As to the first constitutional ground, §§ 34-41 through 34-58 of the Housing Code establish minimum standards and requirements for housing subject to the ordinance. A violation, to be the subject of a notice to the landlord, must be "such as to constructively evict the tenant...". In contrast, the standard "unfit for human habitation" is reserved for more serious violations permitting condemnation of properties. Housing Code §§ 34-25, 34-26, 34-27, 34-29. The standard of "constructive eviction" is not so vague and indefinite in the context of the entire ordinance as to amount to a denial of due process. Such term is at least as capable of definition as the standard urged by plaintiff, "unfit for human habitation". Compare DePaul v. Kauffman, supra. "Constructive eviction" is a term adopted by the City to denote a condition of the property which deprives the tenant of the beneficial enjoyment of the property which does not necessarily, but may render the premises unfit for human habitation. Nor does that term, as used in the ordinance, require abandonment of the property. 49 Am.Jur.2d 316, Landlord and Tenant § 301.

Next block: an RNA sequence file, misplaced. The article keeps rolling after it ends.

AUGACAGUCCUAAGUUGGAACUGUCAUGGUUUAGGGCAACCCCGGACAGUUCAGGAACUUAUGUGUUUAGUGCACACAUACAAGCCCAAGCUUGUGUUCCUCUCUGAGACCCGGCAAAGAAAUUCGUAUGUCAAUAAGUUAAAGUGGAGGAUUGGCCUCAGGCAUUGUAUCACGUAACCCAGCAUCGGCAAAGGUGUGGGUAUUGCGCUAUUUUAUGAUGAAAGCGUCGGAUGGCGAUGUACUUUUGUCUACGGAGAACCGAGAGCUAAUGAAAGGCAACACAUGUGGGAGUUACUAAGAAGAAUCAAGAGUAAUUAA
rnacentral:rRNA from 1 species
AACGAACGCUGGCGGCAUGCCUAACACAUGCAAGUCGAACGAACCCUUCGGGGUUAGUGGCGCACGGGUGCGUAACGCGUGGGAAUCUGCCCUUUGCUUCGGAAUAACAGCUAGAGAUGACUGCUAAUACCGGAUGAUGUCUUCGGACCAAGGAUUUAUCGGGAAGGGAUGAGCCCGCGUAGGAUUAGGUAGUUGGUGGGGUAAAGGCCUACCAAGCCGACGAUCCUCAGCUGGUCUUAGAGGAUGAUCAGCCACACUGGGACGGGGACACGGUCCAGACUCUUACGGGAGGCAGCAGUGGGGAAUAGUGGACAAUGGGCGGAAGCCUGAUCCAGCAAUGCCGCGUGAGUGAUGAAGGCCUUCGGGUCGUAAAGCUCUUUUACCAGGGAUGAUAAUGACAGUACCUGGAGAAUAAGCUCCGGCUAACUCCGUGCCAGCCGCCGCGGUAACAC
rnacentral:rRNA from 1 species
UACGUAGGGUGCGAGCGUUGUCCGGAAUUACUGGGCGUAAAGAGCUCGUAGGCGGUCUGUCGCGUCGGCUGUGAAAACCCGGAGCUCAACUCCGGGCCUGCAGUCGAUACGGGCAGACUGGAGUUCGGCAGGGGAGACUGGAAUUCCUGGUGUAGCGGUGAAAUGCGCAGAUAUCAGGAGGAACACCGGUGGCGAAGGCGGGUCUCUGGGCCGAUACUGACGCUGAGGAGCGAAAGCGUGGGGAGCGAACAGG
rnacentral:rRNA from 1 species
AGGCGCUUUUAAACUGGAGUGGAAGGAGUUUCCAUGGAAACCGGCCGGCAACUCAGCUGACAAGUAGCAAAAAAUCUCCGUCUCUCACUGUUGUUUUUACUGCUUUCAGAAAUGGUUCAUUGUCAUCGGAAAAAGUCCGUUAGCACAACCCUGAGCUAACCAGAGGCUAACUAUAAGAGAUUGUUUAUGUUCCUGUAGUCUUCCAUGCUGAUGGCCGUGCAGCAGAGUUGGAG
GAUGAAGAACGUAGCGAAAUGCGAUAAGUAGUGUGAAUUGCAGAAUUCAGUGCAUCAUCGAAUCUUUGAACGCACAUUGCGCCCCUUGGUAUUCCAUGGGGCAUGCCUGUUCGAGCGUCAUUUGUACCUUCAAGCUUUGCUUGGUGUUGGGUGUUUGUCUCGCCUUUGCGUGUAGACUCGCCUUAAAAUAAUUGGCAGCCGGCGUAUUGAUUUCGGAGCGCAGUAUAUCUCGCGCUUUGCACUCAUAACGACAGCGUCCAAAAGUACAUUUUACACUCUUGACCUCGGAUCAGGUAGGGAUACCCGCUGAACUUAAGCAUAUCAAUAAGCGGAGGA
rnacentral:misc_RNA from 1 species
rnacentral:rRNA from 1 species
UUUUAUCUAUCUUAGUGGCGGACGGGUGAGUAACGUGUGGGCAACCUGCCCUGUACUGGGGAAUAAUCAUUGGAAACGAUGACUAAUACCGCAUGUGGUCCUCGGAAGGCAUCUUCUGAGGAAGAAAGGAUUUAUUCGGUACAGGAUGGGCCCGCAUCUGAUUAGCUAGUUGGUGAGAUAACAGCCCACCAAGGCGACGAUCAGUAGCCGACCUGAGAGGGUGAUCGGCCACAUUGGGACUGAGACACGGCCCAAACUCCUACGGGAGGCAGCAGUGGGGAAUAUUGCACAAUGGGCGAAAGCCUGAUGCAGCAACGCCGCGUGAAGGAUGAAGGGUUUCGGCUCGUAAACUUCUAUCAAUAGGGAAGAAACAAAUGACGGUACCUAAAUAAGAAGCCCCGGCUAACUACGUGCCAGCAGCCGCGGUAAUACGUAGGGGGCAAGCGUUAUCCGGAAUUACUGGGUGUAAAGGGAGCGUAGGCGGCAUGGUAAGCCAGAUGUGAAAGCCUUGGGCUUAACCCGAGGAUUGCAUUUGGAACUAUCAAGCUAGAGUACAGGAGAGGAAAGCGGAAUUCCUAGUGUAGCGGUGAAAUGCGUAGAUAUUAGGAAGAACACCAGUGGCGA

Landlord's second constitutional attack is also without merit. The ordinance *893 deprives the landlord of the right to receive rent only while rent withholding proceedings are pending; the rents are to be paid over to the landlord upon abatement of the violations or when the structure is demolished. Housing Code § 34-39. Rent withholding is not uncommon as a means of coercing owners or operators of rental properties to maintain safe and sanitary housing. See 25 Del.C. §§ 5901-5906 (Tenants Receivership Act); 35 Pa.Stats. § 1700-1; N. Y. Real Property Actions and Proceedings Law § 769, McKinney's Consol.Laws, c. 81; N.J.S.A. 2A:42-85 et seq. Unlike other statutes, the Wilmington ordinance does not permit the rents withheld to be applied by the City or the tenant to correct the violations. This fact, alone, does not render the ordinance constitutionally objectionable, however. DePaul v. Kauffman, supra.